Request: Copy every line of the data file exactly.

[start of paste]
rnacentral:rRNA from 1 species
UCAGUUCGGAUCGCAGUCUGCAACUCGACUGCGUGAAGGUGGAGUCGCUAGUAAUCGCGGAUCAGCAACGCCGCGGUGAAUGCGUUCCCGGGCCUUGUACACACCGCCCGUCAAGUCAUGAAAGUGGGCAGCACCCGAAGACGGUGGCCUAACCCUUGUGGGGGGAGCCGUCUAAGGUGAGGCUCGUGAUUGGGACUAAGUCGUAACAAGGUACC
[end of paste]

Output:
rnacentral:rRNA from 1 species
UCAGUUCGGAUCGCAGUCUGCAACUCGACUGCGUGAAGGUGGAGUCGCUAGUAAUCGCGGAUCAGCAACGCCGCGGUGAAUGCGUUCCCGGGCCUUGUACACACCGCCCGUCAAGUCAUGAAAGUGGGCAGCACCCGAAGACGGUGGCCUAACCCUUGUGGGGGGAGCCGUCUAAGGUGAGGCUCGUGAUUGGGACUAAGUCGUAACAAGGUACC